USA: Legal Recreational Marijuana: Not So Far Out

Discussion in 'Legalization/Decriminalization' started by claygooding, Feb 6, 2012.

  1. claygooding

    claygooding DrugWarVeteran

    USA: Legal Recreational Marijuana: Not So Far Out
    TIME / Adam Cohen / 2,6,2012

    With medical marijuana now available in 16 states, decriminalizing pot for recreational use could be around the corner

    The drive to legalize marijuana has long been a fringe cause, associated with hard-core libertarians and college-age stoners. But it could go mainstream in a big way in this November’s election, when Washington could become the first state to legalize recreational pot use. If it does — or if voters in any of several other states do — this year could be a turning point in the nation’s treatment of marijuana.

    The idea that a majority of voters could support legalizing marijuana may seem far out — but the polls say otherwise. In many states, the prolegalization and antilegalization camps are roughly equal in size. In a poll of Washington state voters released last month, supporters of the legalization referendum outnumbered opponents: 48% vs. 45%. And Washington probably won’t be the only state voting on marijuana this year. In Colorado, supporters last week fell about 3,000 signatures short of getting a legalization measure on the ballot — but the law gave them 15 days to collect the rest, and it seems likely they will. Activists are also collecting signatures in other states, including California, Michigan and Montana.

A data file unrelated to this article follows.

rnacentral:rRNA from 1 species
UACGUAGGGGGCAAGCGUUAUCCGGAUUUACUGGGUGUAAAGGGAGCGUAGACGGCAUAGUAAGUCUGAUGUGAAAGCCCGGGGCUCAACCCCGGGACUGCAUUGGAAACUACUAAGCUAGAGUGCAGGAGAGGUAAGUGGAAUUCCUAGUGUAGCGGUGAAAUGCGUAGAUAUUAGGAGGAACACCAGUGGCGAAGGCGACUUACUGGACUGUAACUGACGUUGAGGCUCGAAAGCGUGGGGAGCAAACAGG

For years, the debate over marijuana has been focused on a narrower question: medical marijuana. The argument that cancer patients and others with chronic pain should be able to alleviate it by using marijuana has been prevailing in state after state. Today, 16 states — including Washington and Colorado — and the District of Columbia have legalized marijuana for medical purposes.

    (MORE: Study: Legal Medical Marijuana Doesn’t Encourage Kids to Smoke More Pot)
    Recently, the action has shifted to recreational marijuana use. Washington’s referendum would treat pot much like alcohol, so the sale of marijuana would be restricted to people over 21. The new law would give the Liquor Control Board the authority to license marijuana farms, and marijuana tax revenues would be directed to health and drug-abuse prevention programs.

    But other states’ proposed laws are more laissez-faire. Colorado would legalize marijuana so that, as its supporters put it, cannabis would be regulated like “grapes, tomatoes or other harmless botanical plants.” Montana’s amendment focuses on decriminalizing marijuana but leaves it to the legislature to work out the details.